By Jayant Kalawar, January 2, 2020
Like clockwork, 2019 has passed us by.
Left us memories of pleasures,
accomplishments and excitements.
Of moments of joy and peace
Of disappointments and sorrows,
frustrations and anger.
Deepening some connections,
Beginning new ones.
Weakening some, severing others.
What do I want to keep? What to let go? What do I want to build anew?
Well, actually if I could, I would like to keep just a few specific positive memories from 2019 and let go of the rest, both positive and negative.
I don’t think it is possible to let go of memories. But maybe be they can be moved to some faraway distant storage?! That way they are not lurking around to trigger us every day into doing or saying things that we then regret.
So I begin by thinking backwards from December to January of 2019. Month by month.
For each month I try to remember things that happened that gave me a feeling of well-being and of unease. I think of my health and in my late 60s I have some aches and pains that routinely spring to life. Remembering specific things helps to contemplate on what I should have done differently to manage these little friends that keep springing up. This way I begin to make a ‘lessons learned’ list! I have been able to add a new 3 minute daily exercise for my knees, for example. So I can move my memories of knee pain and weakness away into deep storage and instead add this new exercise segment into my daily activity.
I do the same, to remember the times I may have been upset with my dear and near ones, as I go back in the year, month by month. What could I have done differently so that I would not get so upset? And repeatedly so. The pattern becomes more obvious when I go through such a contemplative exercise for each of the 12 months. Beginning of a new year is a good time to do this, quietly by one self. I learn from it. It is one thing to say I should be more patient. Another to learn for one self how to say something differently, not jump to conclusions for example. Or come up with solutions. Asking more open ended questions in a way that would be less irritating, perhaps. So again, to let go of the memories of the pattern of upsets and hopefully to learn how not to repeat that pattern in 2020.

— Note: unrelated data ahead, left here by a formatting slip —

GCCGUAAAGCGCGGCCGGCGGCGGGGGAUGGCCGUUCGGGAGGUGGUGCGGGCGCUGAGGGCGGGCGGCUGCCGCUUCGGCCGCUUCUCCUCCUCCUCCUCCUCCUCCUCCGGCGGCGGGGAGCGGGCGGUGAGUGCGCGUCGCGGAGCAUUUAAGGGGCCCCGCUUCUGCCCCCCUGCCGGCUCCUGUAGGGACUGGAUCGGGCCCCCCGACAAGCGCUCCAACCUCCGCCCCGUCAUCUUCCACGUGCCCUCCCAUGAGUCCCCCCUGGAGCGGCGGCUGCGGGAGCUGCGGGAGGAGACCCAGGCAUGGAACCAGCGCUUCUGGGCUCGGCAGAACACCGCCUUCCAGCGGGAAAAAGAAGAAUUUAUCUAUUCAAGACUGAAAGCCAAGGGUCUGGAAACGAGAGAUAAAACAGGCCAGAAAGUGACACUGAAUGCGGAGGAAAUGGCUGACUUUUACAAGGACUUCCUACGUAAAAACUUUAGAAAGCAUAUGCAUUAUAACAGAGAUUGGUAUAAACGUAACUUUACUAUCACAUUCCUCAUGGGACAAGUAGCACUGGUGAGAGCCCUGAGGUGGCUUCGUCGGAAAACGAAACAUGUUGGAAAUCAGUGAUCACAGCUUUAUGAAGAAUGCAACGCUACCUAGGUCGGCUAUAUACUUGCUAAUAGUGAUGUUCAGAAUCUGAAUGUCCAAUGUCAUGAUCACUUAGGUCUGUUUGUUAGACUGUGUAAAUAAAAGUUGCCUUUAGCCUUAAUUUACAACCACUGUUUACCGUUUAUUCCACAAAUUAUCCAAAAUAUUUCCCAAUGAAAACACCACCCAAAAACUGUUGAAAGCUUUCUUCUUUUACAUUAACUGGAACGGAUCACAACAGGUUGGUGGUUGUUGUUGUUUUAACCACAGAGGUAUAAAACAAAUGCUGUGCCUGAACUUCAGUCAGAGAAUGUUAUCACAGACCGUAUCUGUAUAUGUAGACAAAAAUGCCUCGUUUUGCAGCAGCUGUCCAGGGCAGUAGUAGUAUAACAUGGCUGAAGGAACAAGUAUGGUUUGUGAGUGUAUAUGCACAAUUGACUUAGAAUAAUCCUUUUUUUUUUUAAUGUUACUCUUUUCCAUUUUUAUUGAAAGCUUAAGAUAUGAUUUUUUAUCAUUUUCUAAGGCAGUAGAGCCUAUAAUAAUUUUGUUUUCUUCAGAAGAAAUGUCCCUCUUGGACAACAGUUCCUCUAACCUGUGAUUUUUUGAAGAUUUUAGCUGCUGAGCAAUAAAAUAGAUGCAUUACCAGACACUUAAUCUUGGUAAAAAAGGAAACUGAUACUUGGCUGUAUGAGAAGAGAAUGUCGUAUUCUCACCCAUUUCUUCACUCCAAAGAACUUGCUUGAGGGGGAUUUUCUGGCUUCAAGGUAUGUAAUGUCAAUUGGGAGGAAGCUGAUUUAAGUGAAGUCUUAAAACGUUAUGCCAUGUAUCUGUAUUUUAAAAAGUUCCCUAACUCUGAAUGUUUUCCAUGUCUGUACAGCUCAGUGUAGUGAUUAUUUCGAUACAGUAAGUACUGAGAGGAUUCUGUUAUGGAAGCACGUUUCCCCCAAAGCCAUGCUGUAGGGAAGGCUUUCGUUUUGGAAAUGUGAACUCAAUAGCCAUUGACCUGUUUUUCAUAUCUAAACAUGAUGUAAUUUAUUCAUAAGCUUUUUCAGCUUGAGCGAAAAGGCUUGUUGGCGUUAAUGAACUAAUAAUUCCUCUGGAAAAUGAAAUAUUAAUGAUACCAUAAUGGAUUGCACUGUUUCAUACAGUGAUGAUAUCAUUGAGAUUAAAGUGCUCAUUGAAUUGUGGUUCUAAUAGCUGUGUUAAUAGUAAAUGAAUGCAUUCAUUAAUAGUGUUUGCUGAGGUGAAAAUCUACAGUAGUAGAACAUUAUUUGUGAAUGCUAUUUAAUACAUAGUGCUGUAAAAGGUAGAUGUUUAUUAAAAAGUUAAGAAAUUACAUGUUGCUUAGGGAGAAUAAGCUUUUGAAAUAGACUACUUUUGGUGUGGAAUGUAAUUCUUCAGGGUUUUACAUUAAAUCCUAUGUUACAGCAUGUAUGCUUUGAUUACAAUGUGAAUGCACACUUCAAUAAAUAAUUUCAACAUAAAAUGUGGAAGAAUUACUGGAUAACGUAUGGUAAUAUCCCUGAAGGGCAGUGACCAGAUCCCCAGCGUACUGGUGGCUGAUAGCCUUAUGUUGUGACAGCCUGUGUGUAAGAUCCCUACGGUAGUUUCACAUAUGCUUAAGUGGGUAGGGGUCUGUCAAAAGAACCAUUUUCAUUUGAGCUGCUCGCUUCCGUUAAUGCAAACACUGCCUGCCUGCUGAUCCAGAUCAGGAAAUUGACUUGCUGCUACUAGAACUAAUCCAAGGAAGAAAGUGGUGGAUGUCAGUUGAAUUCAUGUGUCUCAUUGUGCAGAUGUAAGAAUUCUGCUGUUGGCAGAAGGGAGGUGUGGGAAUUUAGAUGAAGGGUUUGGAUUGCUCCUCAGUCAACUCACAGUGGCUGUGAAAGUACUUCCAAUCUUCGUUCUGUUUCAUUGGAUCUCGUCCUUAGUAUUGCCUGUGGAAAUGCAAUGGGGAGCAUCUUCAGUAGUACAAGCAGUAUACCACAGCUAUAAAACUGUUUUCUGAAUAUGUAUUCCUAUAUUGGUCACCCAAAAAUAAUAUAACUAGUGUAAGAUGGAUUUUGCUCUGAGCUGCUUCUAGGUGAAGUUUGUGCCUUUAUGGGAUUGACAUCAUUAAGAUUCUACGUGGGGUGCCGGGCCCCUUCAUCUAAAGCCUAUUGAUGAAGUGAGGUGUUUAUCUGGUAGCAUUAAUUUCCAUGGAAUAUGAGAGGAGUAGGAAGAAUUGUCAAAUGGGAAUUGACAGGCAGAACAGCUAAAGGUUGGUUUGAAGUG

And then there is problem-solving we all do every day. Whether at home or at work or at play. This is something I particularly like to contemplate on. To see what problem solving was difficult for me. What caused anxiety and how was it resolved. How could I have done that problem solving differently. Much of the problem solving we do is collaborative. Going to buy or sell a car for example. To solve that problem requires many different players and many different factors coming into play. I have to come up to speed on who does what and so on in the car buying or selling process. Lots of prep work needs to be done before going in and engaging to solve the problem of buying or selling a car. Same thing with investing: buying or selling stocks or bonds for example. Or buying or selling a house. Same rules apply: contemplate on specific problem solving events backwards month by month in 2019. What could I have done differently to have better outcomes? What can I learn from that and how can I change how I solve problems in 2020? More research, patience, asking questions, being pro-active are some general things. All this take more time. So giving more time up front in how I plan the problem solving process is something that I hope to build in to the way I solve complex problems in 2020.
Hope you get some idea from these examples of my own step by step attempts to learn from 2019, so I can move most of the memories into far away distant storage while keeping most of the lessons learned. And so, hopefully, become a somewhat better person in 2020 (my new year’s resolution). Perhaps you may try some of this for yourself. Especially if you believe there is room for you to be a somewhat better person in 2020.
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